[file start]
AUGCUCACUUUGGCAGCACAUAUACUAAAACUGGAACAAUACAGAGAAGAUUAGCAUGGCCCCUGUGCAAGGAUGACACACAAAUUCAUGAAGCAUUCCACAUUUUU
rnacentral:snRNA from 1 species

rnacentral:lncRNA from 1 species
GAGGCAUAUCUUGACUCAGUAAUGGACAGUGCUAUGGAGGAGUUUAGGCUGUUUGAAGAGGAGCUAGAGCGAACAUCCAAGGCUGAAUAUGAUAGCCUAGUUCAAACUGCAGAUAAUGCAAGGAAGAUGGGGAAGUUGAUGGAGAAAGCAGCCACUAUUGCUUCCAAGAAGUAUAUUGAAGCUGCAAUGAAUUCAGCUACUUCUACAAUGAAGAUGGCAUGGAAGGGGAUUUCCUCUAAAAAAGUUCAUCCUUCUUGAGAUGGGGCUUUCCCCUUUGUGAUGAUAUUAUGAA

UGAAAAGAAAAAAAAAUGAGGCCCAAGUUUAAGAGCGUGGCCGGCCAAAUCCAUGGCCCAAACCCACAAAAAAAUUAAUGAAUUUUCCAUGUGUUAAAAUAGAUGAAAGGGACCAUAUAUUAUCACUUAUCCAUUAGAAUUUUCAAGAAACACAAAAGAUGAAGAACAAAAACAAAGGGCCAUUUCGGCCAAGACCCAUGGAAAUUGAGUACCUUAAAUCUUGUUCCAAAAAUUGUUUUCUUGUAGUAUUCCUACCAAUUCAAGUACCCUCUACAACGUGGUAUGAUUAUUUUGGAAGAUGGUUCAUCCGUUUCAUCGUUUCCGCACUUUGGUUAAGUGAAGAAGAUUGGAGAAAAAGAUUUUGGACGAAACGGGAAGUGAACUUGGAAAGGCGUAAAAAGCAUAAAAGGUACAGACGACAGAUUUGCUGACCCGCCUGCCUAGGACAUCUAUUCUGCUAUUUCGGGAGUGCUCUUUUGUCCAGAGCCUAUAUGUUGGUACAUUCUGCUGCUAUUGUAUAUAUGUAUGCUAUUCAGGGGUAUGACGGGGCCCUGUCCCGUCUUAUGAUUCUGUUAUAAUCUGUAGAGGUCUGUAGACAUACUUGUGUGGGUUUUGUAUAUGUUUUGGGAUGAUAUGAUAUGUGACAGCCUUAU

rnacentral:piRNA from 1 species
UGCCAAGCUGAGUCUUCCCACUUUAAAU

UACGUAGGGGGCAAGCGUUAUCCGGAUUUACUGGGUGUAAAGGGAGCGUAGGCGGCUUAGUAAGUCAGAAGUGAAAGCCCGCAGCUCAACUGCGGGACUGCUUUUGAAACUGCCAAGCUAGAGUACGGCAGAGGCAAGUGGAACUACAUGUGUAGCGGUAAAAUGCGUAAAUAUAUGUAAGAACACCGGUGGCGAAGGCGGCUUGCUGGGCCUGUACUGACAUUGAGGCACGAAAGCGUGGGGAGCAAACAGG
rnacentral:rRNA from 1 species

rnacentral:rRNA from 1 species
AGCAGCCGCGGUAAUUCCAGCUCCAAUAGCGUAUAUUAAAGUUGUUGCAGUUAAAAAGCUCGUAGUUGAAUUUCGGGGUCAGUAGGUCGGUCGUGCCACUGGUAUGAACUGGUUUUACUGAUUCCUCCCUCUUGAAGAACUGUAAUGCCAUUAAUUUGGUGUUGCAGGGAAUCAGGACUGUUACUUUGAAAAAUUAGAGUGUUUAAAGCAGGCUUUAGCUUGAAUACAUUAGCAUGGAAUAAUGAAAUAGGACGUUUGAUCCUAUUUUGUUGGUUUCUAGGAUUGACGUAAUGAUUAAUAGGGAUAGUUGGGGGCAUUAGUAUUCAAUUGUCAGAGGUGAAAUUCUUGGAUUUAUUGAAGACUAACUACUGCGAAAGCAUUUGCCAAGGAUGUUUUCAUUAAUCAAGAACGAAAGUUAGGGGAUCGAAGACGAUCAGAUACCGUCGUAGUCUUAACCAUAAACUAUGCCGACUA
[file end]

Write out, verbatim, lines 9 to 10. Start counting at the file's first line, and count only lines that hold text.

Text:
rnacentral:rRNA from 1 species

rnacentral:rRNA from 1 species